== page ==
What type of attorney do I need if I sue my neighbor for the right to quiet enjoyment?

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What type of attorney do I need if I sue my neighbor for the right to quiet enjoyment?

I own my home and have for the last 6 years. About 2 years ago, a family purchase a home across the street and brought with them to heavily modified hot rods. For just shy of 2 years said cars, but specifically 1, has been waking my family at all hours, namely early morning ones, and disturbing our right to the enjoyment and peace of our home. I approached said neighbors about the aforementioned issues back in October 2015 and nothing has been done. The police have been out once back in May 2016 and there was a slight reprieve from the noise, but there was also tremendous retaliatory behavior in a variety of forms. In an effort to avoid costly legal fees and subsequent retaliatory behavior and the like, I procured a meeting with a community liaison/lieutenant with my local police department, the manager of city code enforcement, the city manager, and the city council representative for my ward. I’ve received no help. The noise is truly unbearable and I don’t know what to do or where to turn to. I feel my only option now is court, so I am respectfully asking for advice on how to proceed with that, what kind of attorney I would need, etc.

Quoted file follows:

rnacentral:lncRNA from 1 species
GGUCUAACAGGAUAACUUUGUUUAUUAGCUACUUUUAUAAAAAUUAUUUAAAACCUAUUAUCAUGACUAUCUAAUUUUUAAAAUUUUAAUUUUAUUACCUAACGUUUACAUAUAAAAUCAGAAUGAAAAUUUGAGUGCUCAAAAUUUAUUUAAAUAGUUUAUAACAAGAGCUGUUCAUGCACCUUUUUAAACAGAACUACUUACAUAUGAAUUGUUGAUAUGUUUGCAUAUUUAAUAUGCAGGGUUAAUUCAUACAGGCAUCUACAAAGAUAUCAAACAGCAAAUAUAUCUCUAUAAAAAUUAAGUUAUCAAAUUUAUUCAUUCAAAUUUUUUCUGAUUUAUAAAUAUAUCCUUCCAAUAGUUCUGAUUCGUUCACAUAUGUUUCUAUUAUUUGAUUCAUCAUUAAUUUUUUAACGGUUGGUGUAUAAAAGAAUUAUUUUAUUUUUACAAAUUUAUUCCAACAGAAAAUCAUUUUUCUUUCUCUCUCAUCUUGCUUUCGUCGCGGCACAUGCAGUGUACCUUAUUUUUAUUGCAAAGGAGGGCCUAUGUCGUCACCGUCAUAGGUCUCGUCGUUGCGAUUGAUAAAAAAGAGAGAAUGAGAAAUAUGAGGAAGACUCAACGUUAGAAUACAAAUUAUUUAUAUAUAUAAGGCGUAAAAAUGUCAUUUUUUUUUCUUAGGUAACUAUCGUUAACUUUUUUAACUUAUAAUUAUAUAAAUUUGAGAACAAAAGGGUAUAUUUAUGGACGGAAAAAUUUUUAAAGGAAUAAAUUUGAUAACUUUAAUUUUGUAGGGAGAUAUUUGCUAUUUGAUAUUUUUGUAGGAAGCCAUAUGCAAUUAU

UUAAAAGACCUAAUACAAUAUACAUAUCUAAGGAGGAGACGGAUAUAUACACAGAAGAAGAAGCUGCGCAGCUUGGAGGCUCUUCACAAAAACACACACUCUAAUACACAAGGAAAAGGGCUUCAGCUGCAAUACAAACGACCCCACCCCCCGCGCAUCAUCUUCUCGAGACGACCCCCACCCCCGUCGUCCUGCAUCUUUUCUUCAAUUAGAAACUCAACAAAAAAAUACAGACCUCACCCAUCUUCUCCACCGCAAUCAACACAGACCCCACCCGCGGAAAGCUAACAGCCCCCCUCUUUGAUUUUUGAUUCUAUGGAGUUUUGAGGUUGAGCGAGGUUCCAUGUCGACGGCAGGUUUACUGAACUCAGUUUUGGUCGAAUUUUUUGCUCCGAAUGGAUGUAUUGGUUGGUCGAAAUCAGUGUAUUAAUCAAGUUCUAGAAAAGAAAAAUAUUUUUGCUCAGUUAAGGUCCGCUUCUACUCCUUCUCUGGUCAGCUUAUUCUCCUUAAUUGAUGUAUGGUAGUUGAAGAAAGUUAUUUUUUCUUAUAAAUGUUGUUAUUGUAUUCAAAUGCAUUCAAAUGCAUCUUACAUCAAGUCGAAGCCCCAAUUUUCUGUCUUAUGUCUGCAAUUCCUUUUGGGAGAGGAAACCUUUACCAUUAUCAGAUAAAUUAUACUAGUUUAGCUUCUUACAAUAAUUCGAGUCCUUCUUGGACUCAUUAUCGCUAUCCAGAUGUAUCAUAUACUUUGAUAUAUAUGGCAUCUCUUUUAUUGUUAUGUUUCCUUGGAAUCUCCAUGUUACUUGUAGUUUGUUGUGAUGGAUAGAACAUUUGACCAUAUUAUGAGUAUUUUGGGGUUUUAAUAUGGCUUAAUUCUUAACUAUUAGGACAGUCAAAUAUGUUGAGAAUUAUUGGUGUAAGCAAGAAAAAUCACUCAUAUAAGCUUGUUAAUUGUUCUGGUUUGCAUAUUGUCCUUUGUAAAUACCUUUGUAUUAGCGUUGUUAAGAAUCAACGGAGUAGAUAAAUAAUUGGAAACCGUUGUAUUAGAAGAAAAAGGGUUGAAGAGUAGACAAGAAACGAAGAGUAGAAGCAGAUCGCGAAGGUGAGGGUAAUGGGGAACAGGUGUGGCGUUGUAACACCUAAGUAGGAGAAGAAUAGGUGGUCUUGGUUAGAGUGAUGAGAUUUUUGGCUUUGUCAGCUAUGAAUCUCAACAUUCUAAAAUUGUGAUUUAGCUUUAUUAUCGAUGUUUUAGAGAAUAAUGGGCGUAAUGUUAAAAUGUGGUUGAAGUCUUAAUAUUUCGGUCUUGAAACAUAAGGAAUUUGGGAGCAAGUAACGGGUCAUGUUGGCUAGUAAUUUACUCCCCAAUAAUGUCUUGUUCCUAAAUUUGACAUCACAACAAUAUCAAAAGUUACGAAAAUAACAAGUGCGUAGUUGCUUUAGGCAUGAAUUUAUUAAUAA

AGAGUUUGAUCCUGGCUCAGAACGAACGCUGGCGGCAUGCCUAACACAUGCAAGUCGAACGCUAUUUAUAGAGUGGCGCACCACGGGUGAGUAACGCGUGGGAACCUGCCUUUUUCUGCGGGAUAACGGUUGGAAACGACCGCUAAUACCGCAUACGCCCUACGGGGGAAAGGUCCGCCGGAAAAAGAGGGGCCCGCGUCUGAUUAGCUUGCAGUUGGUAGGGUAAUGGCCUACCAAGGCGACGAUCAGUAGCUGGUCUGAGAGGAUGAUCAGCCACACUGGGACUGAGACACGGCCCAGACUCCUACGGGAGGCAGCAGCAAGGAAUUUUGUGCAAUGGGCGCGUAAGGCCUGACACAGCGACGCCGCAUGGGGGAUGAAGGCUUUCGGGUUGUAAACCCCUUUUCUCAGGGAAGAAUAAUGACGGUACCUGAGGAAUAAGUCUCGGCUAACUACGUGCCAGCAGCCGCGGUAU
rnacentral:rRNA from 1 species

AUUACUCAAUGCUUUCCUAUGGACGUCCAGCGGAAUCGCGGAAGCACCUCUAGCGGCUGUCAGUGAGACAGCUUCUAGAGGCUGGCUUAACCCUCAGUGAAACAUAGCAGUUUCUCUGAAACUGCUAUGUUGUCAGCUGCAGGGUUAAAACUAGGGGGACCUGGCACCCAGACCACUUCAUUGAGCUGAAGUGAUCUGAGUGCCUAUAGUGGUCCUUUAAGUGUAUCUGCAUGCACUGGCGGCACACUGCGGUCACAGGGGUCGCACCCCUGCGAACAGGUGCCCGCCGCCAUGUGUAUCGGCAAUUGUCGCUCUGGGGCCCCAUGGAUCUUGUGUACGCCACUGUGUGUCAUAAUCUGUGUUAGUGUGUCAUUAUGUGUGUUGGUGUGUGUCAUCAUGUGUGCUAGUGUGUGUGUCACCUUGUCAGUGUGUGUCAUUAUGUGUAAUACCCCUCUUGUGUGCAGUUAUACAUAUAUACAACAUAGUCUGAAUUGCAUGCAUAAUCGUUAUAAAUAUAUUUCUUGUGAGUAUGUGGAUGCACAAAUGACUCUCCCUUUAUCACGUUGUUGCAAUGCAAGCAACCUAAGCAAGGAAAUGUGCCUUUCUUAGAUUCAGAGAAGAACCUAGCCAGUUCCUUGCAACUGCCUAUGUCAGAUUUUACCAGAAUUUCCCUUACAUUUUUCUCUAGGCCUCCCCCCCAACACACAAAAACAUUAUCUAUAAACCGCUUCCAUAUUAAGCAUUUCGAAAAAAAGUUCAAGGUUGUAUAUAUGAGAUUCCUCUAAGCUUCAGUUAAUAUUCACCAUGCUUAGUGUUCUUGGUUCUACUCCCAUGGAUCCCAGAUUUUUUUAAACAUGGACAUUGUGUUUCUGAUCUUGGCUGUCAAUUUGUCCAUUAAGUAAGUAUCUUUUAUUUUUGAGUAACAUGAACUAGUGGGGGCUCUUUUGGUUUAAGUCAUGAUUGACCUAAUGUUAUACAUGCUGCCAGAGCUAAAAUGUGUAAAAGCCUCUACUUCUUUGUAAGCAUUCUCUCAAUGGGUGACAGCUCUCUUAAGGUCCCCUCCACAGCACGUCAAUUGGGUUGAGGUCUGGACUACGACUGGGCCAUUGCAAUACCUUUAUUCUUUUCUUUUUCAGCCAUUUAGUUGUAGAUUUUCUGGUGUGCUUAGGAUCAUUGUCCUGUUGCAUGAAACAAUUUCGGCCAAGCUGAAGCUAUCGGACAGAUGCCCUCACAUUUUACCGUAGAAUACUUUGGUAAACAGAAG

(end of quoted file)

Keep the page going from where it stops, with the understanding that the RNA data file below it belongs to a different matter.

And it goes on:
Asked on May 8, 2017 under Real Estate Law, California

Answers:

S.L,. Member, California Bar / FreeAdvice Contributing Attorney

Answered 4 years ago | Contributor

It would be advisable to speak with a civil litigation attorney who has experience with injunctions in nuisance cases.
You can sue your neighbor for nuisance which is a serious or unreasonable interference with your use and enjoyment of your property.
Damages (monetary compensation you are seeking in your lawsuit) are an inadequate remedy because of multiplicity of lawsuits since the noise is ongoing and because land is unique.
Since damages are inadequate, your remedy is an injunction against your neighbor. The court will balance the benefits and hardships to the parties in determining whether to grant an injunction. 


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